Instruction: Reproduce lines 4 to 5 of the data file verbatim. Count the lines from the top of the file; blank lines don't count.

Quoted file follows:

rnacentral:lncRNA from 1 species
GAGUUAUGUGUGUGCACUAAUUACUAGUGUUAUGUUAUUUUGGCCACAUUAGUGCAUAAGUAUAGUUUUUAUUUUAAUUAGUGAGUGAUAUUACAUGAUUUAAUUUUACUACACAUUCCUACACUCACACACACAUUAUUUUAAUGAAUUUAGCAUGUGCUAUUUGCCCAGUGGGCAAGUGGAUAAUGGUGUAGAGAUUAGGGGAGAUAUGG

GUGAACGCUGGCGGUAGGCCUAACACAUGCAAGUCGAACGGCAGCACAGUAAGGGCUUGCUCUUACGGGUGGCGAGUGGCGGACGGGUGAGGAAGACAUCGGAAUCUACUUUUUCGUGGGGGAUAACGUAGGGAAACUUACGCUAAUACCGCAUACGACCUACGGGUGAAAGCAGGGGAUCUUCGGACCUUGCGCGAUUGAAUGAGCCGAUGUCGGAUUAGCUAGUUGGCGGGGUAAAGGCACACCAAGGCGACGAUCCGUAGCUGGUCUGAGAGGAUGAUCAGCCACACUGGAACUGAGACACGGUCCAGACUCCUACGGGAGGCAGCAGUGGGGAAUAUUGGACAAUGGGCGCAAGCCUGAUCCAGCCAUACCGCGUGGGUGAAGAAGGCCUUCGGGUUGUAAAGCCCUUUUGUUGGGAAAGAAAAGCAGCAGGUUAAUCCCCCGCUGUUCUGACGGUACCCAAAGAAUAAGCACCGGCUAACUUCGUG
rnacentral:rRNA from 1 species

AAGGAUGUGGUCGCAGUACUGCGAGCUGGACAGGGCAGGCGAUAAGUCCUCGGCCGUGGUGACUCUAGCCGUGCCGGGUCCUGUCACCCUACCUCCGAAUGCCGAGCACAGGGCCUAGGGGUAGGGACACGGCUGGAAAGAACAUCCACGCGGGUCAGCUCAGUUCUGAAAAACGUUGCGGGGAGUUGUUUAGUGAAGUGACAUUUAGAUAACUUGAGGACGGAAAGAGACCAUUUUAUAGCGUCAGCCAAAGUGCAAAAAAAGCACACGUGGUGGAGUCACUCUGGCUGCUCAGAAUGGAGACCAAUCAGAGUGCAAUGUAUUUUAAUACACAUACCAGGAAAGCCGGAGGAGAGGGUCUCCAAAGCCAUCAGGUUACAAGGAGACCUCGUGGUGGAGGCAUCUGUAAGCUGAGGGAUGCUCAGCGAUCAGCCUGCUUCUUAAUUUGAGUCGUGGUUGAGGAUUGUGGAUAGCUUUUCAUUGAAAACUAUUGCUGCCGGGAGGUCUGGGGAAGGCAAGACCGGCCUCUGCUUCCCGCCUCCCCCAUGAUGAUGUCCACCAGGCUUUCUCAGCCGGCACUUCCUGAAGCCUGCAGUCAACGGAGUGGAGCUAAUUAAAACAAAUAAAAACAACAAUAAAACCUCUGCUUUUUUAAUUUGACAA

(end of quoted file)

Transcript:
rnacentral:rRNA from 1 species

AAGGAUGUGGUCGCAGUACUGCGAGCUGGACAGGGCAGGCGAUAAGUCCUCGGCCGUGGUGACUCUAGCCGUGCCGGGUCCUGUCACCCUACCUCCGAAUGCCGAGCACAGGGCCUAGGGGUAGGGACACGGCUGGAAAGAACAUCCACGCGGGUCAGCUCAGUUCUGAAAAACGUUGCGGGGAGUUGUUUAGUGAAGUGACAUUUAGAUAACUUGAGGACGGAAAGAGACCAUUUUAUAGCGUCAGCCAAAGUGCAAAAAAAGCACACGUGGUGGAGUCACUCUGGCUGCUCAGAAUGGAGACCAAUCAGAGUGCAAUGUAUUUUAAUACACAUACCAGGAAAGCCGGAGGAGAGGGUCUCCAAAGCCAUCAGGUUACAAGGAGACCUCGUGGUGGAGGCAUCUGUAAGCUGAGGGAUGCUCAGCGAUCAGCCUGCUUCUUAAUUUGAGUCGUGGUUGAGGAUUGUGGAUAGCUUUUCAUUGAAAACUAUUGCUGCCGGGAGGUCUGGGGAAGGCAAGACCGGCCUCUGCUUCCCGCCUCCCCCAUGAUGAUGUCCACCAGGCUUUCUCAGCCGGCACUUCCUGAAGCCUGCAGUCAACGGAGUGGAGCUAAUUAAAACAAAUAAAAACAACAAUAAAACCUCUGCUUUUUUAAUUUGACAA